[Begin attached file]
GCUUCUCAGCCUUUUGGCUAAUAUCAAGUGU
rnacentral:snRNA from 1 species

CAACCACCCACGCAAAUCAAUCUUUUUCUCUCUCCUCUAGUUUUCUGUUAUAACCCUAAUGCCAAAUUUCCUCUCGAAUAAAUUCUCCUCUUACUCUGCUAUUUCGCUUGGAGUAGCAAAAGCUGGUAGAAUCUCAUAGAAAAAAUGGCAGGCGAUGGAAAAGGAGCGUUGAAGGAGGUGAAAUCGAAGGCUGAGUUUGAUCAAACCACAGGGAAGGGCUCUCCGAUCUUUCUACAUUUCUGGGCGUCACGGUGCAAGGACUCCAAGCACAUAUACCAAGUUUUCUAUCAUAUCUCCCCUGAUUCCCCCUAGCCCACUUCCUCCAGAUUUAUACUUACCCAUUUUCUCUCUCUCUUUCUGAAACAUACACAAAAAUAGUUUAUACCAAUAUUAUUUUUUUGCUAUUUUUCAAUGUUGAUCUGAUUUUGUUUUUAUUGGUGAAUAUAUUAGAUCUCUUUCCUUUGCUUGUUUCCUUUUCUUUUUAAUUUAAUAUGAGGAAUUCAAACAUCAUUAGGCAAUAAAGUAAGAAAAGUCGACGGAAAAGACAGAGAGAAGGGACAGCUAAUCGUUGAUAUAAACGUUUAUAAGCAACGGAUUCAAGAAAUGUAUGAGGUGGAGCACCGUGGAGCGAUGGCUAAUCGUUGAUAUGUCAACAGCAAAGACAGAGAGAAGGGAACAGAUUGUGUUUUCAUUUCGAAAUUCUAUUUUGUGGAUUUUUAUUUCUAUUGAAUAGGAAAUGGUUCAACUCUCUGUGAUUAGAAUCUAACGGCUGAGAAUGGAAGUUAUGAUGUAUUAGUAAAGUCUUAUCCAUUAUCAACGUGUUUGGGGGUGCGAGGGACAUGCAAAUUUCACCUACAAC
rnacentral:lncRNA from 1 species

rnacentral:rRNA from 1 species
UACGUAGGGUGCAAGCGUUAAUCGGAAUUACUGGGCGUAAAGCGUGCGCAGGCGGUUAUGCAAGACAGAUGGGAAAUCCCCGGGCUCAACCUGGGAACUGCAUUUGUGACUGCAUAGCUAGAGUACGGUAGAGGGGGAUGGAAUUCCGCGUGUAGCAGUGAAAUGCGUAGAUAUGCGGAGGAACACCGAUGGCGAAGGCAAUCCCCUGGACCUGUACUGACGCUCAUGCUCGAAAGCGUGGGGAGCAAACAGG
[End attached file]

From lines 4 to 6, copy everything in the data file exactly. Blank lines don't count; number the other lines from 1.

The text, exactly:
rnacentral:lncRNA from 1 species

rnacentral:rRNA from 1 species
UACGUAGGGUGCAAGCGUUAAUCGGAAUUACUGGGCGUAAAGCGUGCGCAGGCGGUUAUGCAAGACAGAUGGGAAAUCCCCGGGCUCAACCUGGGAACUGCAUUUGUGACUGCAUAGCUAGAGUACGGUAGAGGGGGAUGGAAUUCCGCGUGUAGCAGUGAAAUGCGUAGAUAUGCGGAGGAACACCGAUGGCGAAGGCAAUCCCCUGGACCUGUACUGACGCUCAUGCUCGAAAGCGUGGGGAGCAAACAGG